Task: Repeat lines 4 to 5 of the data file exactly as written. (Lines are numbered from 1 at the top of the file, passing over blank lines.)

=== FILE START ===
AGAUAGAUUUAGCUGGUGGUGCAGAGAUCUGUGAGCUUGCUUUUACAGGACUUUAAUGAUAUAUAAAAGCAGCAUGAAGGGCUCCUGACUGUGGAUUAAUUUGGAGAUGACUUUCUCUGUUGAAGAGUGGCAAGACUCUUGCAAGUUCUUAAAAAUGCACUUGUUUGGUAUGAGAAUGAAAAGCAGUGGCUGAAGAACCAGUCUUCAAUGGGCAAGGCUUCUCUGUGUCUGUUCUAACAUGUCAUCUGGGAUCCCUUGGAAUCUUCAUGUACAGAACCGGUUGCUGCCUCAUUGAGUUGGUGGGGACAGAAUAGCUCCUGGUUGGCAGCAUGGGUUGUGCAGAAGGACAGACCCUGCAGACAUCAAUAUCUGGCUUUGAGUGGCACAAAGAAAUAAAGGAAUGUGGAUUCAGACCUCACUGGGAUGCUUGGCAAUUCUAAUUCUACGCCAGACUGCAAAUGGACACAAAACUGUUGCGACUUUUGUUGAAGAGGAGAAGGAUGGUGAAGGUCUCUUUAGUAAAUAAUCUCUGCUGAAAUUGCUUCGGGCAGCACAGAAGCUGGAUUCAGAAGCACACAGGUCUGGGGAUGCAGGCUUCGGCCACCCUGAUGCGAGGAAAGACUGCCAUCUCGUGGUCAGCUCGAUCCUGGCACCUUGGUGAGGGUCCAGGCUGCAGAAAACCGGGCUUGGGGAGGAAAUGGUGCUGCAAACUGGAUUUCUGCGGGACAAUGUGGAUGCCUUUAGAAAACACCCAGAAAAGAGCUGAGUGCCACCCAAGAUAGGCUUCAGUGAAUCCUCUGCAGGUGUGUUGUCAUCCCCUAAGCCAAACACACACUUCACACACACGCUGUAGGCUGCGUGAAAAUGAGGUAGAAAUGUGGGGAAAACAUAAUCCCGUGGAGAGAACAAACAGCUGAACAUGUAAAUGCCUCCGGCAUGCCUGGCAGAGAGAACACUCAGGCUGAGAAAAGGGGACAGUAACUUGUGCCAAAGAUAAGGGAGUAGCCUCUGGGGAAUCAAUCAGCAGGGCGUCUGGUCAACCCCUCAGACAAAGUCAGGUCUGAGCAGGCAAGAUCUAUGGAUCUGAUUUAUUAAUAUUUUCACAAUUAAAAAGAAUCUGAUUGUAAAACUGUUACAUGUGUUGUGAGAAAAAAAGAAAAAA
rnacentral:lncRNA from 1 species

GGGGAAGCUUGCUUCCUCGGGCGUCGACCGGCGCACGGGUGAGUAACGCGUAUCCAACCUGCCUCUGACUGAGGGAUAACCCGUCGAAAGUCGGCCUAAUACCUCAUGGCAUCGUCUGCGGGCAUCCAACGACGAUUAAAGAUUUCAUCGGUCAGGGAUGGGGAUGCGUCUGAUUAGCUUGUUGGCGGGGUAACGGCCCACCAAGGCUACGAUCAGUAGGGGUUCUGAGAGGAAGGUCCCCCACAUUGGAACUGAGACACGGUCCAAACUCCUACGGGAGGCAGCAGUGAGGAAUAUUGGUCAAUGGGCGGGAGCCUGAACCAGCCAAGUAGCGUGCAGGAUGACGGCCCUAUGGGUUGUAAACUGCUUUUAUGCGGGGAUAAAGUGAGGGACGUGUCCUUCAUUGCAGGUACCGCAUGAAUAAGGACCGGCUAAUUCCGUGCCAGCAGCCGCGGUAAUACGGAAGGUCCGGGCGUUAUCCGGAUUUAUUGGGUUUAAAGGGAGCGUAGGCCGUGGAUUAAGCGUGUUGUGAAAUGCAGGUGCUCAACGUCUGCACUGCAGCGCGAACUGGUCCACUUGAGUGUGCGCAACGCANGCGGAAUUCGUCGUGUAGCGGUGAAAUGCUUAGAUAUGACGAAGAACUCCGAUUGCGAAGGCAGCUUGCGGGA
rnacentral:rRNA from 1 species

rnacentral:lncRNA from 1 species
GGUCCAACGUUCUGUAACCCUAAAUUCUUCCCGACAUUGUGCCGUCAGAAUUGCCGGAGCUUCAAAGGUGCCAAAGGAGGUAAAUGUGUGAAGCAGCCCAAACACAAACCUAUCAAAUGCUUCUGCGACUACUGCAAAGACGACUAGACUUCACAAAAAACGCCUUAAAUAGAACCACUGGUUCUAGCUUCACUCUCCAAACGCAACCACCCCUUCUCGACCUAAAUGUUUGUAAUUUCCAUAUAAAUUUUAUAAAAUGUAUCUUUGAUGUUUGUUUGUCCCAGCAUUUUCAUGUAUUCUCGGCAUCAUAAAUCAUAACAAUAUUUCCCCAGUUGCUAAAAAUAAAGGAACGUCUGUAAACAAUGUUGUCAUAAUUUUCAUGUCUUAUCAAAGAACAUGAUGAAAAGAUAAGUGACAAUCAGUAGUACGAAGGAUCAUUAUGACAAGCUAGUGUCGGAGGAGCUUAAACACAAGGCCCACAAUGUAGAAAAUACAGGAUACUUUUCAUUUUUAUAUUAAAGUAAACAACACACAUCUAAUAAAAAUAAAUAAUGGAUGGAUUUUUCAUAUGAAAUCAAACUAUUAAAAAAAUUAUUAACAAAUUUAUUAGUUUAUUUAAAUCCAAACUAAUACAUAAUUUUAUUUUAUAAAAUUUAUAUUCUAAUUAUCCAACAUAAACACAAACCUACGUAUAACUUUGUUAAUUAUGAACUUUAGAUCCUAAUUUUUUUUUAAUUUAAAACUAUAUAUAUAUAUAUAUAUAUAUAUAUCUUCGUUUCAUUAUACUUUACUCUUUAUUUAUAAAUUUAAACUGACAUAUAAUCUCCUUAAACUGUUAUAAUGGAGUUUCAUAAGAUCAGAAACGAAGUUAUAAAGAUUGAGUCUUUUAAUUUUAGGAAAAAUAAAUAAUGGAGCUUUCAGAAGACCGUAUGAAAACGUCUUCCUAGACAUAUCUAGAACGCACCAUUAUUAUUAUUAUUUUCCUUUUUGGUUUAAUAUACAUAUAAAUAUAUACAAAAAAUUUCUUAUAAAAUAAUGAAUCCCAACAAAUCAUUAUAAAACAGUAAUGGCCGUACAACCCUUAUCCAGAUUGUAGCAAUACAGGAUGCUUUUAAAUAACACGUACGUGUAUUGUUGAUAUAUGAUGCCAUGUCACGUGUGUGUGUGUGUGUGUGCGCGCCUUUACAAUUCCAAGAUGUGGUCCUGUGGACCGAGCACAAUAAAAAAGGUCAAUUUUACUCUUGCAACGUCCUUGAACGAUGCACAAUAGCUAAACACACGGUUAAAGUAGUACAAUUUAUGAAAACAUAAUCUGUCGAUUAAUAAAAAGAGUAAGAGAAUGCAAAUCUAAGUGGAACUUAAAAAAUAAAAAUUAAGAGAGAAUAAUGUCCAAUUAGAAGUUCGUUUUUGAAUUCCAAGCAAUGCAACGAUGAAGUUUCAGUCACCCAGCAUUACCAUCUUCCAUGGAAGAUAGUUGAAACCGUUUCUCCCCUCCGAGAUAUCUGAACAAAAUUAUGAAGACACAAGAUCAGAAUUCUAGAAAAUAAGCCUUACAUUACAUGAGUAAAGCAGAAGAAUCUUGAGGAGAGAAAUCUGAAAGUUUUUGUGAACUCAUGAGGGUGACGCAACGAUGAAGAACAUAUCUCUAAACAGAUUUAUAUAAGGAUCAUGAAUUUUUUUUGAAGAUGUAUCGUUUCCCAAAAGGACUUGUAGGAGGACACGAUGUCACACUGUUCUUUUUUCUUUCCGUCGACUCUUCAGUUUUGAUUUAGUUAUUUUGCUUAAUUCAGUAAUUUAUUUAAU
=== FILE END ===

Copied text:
rnacentral:rRNA from 1 species

rnacentral:lncRNA from 1 species